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Review: Various Artists Tigersushi Presents: More God Dammed Music

Label: Tigersushi

The premise for Tigersushi's More G.D.M 12-inch series is fairly straightforward. Put a hard-to-find old-school, disco-punk or arthouse "classic" from the late '70s/early '80s (i.e. Gina X, Material, Cluster, Silver Apples, Chapter Three) on one side. On the other, put a corresponding song that shows the influence the aforementioned artist has had on contemporary producers (i.e. Metro Area, Maurice Fulton, Alice Machine, John Tejada). Read more » 

Review: Dillinja Live or Die

Label: Valve

The flipside's "South Manz," with its "bassline roller to shake the venue" sample and scary, high-pitched melody, is my favorite here, as Dillinja delivers a more rolled-out track that's still heavy on the bass & drum. "Live or Die" is classic Karl-an Amen rinse-out with plenty of guts 'n' glory. Bashy! Read more » 

Review: Son of the Dope Computer Starve For This

Label: Bless

Texas breakbeat imprint Bless unleashes a lovely collab between Lone Star boy Son of the Electric Ghost and San Francisco's Kemek the Dope Computer. The title track is a buzzy and bold tech-dystopia affair that remains funky by keeping the bass bouncy rather than UK-style-goopy. The flip's midtempo "Deeper" keeps the soul intact while injecting more understated FX. US breaks on the rise. Read more » 

Review: Metamatics Rewiredinmymanor

Label: Hydrogen Dukebox

The first in a three part series of remix projects for Lee Norris, who-as an advocate of eschewing normal industry routes-puts his money where his mouth is and lets unknown artists remix his work. Meeting these artists through the internet, Lee sent them elements of his unreleased track "Pod," and they have supplied their versions. The new talents, including Bauri, Verbose, Yasume and Sleepy Town Manufacture, have all stayed pretty faithful to Lee's unmistakably warm, Detroitian sounds and melodically experimental electronica. Read more » 

Review: Juju The Barrio Funk EP

Label: Phuturo

Taking it up a notch for the label's tenth release, Juju drops a monstrous double-pack that captures his vision perfectly. From the steady-pumping "Vampiros" to the Fabio-inspired "Far Away," Juju touches on all corners of his sound. "Silencio" takes it down that dark, growling road before the thugged-out remix of Red Army's "Salty Dub" proves to be the perfect knockout punch. Read more » 

Review: Russ Gabriel Into the Unknown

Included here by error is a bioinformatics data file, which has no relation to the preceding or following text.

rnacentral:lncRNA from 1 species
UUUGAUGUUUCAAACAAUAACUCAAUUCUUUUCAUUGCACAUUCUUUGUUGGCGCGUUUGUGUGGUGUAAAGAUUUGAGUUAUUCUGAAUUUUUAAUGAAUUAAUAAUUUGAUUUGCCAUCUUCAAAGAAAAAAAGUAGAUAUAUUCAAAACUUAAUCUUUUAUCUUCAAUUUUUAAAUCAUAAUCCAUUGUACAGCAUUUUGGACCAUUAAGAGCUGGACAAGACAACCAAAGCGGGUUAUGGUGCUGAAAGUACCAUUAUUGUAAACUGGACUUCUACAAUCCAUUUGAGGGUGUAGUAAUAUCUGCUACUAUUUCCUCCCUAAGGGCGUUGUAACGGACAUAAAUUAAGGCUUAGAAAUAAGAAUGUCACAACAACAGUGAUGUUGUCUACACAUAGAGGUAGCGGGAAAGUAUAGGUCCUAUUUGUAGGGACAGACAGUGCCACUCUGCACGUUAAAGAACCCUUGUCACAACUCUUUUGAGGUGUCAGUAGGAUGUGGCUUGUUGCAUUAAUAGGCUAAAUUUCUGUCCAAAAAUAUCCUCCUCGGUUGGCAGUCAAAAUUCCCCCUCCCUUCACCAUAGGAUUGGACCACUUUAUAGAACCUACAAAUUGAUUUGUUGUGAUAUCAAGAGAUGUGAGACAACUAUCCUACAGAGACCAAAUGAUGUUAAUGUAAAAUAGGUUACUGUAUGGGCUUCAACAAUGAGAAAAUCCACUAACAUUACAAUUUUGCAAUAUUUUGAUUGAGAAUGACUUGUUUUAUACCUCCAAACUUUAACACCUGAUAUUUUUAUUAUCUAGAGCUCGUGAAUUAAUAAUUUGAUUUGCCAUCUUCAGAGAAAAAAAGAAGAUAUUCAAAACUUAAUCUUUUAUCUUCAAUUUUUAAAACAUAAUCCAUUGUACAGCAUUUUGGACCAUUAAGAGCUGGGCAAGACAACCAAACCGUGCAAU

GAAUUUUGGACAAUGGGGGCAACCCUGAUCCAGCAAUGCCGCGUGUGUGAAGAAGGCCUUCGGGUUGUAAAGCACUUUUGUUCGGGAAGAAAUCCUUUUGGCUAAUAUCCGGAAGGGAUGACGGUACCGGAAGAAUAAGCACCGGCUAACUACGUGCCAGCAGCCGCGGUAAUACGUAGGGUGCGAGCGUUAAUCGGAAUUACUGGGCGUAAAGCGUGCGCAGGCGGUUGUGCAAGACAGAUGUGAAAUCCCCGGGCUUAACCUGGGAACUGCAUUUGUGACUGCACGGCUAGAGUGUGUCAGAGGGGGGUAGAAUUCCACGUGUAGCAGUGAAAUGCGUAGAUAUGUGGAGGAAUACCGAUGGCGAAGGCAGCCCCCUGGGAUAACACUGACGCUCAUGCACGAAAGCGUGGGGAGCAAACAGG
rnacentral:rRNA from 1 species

Label: Out of the Loop

Techno veteran Russ Gabriel (who directed his Ferox label for eight years) has been venturing into the nu-jazz world for some time now, most notably with recent singles on the consistent Out of the Loop imprint, which offers up this superb change of direction. Much like contemporary Ian O'Brien, Gabriel explores jazz-fusion in a dance context soaked in live instrumentation, as on tracks like "Patience," a garage burner with syncopated percussion, steady horns and Corinna Joseph's Beth Gibbons-esque croon. Read more » 

Review: Supremeex Koyaanisqatsi

Label: Arrakis

SupremeEx, the producer behind 2000's impressive "Projecto: 2501" EP, now comes with an interesting and well-developed 7-inch. The A-side, "640 Caravans Making Right Turns, " (no, I don't get the title either) is the sleepier of the two, though the underlying thumping drums keep it from getting stale. The flip, "Angelic Groove," continues the A-side's loop-stacking theme, but colors the atmosphere more than creates nifty polyrhythms. Nice. Read more » 

Review: Various Artists Seasonal Greetings

Label: Mobile

So what does a seasonal compilation sound like coming from a place where the winter holidays aren't garish displays of commercialism? Read more » 

Review: Subthunk Just a Few Notes Before You Go

Label: Ureneely

Say it a few times. "Subthunk." Roll it around a little; try stretching out one of the syllables. "Suuuuubthunk." Make it sound like a food, or make it more onomatopoeic, like an upended bowl of spaghetti hitting the floor. It's a great name, at once sensual and evocative while completely lacking actual meaning. Subthunk is a quartet comprised of curiously fictional-sounding fellows like Ant and Pharaoh, who make hyperactive keyboard-led instrumentals with drums and guitar synth making guest appearances and a nasty, slappy funk bass under everything. Read more » 

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